Former Tuscaloosa licensing commissioner accused of using office for personal gain
Former Tuscaloosa County Licensing Commissioner Lynne C. Robbins was arrested today and faces charges of using the public service for personal gain, theft of property and forgery. ‘computers.
Robbins, 56, of Tuscaloosa, resigned his post in February 2020.
Robbins is accused of writing a series of checks to the Tuscaloosa County Licensing Commissioner’s office that were returned for insufficient funds. She then used her position to avoid paying returned check charges and to avoid repaying unpaid check amounts.
In addition, Robbins is accused of taking money belonging to the office between January 2016 and December 3, 2019 and modifying data in the office’s computer network to facilitate and cover up his alleged crimes.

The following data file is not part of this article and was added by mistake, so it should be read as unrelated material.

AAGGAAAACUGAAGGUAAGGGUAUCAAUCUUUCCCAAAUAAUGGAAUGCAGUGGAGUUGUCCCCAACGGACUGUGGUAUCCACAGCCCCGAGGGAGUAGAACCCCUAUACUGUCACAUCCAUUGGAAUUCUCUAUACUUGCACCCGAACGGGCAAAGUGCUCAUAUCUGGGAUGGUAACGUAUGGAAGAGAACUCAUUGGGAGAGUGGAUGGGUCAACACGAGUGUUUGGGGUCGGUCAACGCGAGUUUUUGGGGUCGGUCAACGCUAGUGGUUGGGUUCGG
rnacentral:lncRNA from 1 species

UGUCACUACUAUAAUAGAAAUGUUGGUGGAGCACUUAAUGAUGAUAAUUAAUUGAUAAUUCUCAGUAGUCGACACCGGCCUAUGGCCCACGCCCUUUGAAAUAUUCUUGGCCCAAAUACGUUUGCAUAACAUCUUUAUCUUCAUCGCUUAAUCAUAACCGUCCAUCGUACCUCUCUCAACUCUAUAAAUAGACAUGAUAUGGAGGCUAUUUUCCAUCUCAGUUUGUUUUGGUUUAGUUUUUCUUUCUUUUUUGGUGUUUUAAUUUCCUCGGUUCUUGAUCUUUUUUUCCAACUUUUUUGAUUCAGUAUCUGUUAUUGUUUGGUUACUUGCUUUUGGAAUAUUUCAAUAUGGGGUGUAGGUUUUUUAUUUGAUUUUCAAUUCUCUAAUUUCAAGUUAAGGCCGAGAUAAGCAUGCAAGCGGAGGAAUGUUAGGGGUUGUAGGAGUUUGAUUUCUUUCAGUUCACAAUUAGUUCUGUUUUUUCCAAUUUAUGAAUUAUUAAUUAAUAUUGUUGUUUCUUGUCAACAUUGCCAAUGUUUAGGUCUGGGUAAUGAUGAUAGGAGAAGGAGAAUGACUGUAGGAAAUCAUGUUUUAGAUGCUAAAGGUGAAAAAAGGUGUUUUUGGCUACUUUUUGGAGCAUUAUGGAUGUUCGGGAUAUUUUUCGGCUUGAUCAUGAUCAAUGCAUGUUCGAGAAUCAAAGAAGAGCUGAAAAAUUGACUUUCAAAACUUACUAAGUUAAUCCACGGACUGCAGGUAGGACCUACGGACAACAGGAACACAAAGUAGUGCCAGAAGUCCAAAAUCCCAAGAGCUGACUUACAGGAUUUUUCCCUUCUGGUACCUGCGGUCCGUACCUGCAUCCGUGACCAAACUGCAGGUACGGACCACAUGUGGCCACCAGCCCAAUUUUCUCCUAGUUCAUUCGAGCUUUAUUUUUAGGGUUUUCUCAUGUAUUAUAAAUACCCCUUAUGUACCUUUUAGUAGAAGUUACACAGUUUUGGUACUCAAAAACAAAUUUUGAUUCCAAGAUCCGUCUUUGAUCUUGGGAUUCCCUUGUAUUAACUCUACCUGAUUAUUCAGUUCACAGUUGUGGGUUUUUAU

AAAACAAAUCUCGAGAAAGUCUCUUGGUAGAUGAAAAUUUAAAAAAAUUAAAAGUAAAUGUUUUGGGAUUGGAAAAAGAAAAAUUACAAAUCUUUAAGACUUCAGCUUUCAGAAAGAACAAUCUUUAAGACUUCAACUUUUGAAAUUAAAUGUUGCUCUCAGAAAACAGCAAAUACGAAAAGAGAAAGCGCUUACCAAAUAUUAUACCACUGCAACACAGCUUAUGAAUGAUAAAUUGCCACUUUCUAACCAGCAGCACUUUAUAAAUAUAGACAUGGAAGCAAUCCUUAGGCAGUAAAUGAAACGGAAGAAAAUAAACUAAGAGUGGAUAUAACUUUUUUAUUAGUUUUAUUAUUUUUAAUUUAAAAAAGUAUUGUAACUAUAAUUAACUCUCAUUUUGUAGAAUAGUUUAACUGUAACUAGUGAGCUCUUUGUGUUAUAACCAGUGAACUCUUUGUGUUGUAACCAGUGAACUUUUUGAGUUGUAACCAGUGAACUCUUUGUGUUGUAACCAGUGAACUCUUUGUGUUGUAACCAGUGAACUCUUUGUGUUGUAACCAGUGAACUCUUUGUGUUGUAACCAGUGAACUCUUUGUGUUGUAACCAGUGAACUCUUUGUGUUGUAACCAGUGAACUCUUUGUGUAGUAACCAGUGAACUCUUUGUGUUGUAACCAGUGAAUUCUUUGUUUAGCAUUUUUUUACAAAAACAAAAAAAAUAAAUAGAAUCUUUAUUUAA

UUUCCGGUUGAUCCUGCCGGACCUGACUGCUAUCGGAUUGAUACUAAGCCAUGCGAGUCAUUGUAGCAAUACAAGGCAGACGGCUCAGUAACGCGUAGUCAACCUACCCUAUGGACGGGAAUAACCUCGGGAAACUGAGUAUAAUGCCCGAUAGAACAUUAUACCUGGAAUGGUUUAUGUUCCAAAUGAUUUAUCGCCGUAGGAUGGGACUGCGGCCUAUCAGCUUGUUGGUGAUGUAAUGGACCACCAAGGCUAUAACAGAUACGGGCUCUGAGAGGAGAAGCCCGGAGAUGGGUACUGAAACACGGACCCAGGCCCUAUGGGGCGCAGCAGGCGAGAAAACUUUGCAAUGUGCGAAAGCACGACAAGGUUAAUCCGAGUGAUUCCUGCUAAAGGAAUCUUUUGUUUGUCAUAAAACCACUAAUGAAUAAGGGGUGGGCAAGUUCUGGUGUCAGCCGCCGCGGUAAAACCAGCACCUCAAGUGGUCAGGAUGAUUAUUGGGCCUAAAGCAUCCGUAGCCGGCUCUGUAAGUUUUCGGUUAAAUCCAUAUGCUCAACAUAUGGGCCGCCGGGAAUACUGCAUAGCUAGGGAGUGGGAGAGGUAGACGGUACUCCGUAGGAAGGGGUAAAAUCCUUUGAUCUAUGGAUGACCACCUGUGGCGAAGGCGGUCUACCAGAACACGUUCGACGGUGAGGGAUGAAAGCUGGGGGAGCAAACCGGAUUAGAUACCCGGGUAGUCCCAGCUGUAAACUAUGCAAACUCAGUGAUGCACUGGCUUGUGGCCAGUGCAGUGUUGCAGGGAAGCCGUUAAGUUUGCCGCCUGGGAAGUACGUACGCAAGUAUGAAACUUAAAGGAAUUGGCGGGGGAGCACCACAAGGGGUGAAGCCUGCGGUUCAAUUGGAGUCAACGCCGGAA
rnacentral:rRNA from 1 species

Charges have been laid after separate cases against her were referred to the office of Alabama Attorney General Steve Marshall by the Alabama Department of Public Accounts Examiners and the Alabama Ethics Commission .
The use of a charge for personal gain and the theft of property in the first degree are Class B crimes, punishable by two to twenty years in prison. Because the state alleges that the tampering with Robbins’ computer was committed to facilitate his crimes and conceal his conduct from government officials, this charge is a Class C felony, punishable by one year and one day at 10. years in prison.